THE ruling Zanu PF party acting spokesperson Patrick Chinamasa’s attempts to muzzle the Press from reporting “negatively” about the President Emmerson Mnangagwa and his family are unfortunate and a brazen attack on media independence.
If a member of the First Family, just like every other citizen, becomes newsworthy, positively or negatively, then should be subjected to media scrutiny because media freedom is a hallmark of any democracy. If indeed Zimbabwe is a democracy as the government alleges, then they should allow the press to scrutinise public figures and those associated with them as they naturally make news.
It is unfortunate that Zanu PF has always been intolerant of scrutiny, especially by the private media, and to claim that any negative report about the First Family has to be “unscrupulous” or part of a “sponsored” agenda is shocking. The private press operates within the law just as it is registered in accordance with the laws of the country.
If these reports are indeed false, then the government or Zanu PF should appeal to the laws of the country rather deal with these issues through press conferences. This gives rise to the impression that what has been reported is true or factual.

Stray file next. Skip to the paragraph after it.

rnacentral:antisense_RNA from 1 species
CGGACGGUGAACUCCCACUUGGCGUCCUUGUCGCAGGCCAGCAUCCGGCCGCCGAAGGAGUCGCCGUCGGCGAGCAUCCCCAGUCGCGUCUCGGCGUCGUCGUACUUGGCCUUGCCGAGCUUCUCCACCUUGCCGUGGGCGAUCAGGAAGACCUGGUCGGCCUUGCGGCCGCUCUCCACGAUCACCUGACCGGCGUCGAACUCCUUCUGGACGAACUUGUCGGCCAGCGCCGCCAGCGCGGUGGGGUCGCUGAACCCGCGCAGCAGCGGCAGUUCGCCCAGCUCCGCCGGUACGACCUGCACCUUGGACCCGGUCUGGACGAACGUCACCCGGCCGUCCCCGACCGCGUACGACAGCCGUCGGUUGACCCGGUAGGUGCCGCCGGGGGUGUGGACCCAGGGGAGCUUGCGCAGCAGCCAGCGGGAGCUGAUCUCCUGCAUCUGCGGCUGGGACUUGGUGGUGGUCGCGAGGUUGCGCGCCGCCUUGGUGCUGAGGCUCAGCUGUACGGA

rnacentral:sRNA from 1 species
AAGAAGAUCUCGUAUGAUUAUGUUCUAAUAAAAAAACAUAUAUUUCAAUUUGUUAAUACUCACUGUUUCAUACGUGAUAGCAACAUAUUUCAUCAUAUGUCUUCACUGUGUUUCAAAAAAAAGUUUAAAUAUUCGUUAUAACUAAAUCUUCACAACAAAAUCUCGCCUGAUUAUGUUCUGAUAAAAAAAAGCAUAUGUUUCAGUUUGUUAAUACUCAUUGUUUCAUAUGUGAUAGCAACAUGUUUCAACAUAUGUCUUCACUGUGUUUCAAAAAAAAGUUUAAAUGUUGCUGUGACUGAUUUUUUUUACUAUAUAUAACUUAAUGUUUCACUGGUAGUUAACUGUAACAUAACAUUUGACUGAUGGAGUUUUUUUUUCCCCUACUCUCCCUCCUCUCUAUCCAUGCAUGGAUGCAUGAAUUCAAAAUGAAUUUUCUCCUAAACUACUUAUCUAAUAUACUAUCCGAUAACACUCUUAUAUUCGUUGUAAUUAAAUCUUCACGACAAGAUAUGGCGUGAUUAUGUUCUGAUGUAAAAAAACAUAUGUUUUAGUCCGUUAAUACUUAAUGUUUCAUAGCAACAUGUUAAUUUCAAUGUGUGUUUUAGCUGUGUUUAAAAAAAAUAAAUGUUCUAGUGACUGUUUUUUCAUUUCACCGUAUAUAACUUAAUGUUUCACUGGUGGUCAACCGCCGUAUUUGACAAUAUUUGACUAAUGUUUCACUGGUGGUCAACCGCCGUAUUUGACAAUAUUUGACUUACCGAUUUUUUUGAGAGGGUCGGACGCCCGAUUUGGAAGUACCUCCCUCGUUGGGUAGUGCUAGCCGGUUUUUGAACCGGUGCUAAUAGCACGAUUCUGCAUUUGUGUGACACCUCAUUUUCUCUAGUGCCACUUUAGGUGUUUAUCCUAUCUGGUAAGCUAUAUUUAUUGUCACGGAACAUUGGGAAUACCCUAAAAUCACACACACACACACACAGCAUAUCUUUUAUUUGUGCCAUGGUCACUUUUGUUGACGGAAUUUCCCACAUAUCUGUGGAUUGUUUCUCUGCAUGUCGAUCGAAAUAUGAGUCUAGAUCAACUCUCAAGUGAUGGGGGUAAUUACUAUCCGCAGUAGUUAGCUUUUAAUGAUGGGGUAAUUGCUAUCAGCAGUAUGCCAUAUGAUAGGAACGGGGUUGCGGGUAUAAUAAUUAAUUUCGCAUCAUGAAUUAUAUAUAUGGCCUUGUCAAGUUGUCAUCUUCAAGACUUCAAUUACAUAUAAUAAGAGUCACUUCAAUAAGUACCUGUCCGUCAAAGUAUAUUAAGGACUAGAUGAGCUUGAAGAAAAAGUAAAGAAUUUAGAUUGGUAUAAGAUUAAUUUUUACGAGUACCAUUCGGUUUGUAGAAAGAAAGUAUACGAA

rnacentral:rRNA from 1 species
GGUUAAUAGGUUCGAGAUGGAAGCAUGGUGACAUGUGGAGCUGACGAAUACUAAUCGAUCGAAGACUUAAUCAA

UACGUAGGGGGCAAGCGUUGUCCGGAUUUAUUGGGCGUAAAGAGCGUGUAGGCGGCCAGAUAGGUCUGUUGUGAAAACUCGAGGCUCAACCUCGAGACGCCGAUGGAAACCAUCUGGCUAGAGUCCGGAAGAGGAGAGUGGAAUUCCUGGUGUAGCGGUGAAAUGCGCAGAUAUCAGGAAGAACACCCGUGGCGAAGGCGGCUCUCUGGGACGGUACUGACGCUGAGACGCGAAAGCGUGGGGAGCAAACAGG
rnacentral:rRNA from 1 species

Just like every other citizen, members of the First Family must operate according to the law and refrain from corrupt dealings because when these find their way into the Press, there is nothing “systematic”, “well-choreographed” or “sponsored” about it.
Further to that, these are not attacks. The media is not at war with anyone beyond the vices of corruption or abuse of office and political associations. It is up to the First Family to ensure its integrity by confining itself within the parameters of the law and ethical conduct.
It is quite interesting that even before the allegations of the COVID-19 supplies scandal involving the President’s son Collins Mnangagwa and Drax International, there have been a string of other such scandalous sagas before.
In fact, it is Drax International that is publishing falsehoods by claiming in its statement it “has never met, communicated or done any business with any members of the first family” when a series of pictures featuring Collins and his mother, First Lady Auxillia Mnangagwa, separately with Drax International’s Zimbabwe representative, Delish Nguwaya. So if Drax can lie so brazenly, there is a possibility that they are seeking to hide something.
While the pictures could be said they were a sign of goodwill, why then would Drax lie that they had never met or communicated with any members of the First Family?
Such threats to freedom of expression should not be tolerated in this day and age and the media should be allowed to discharge its responsibility without fear.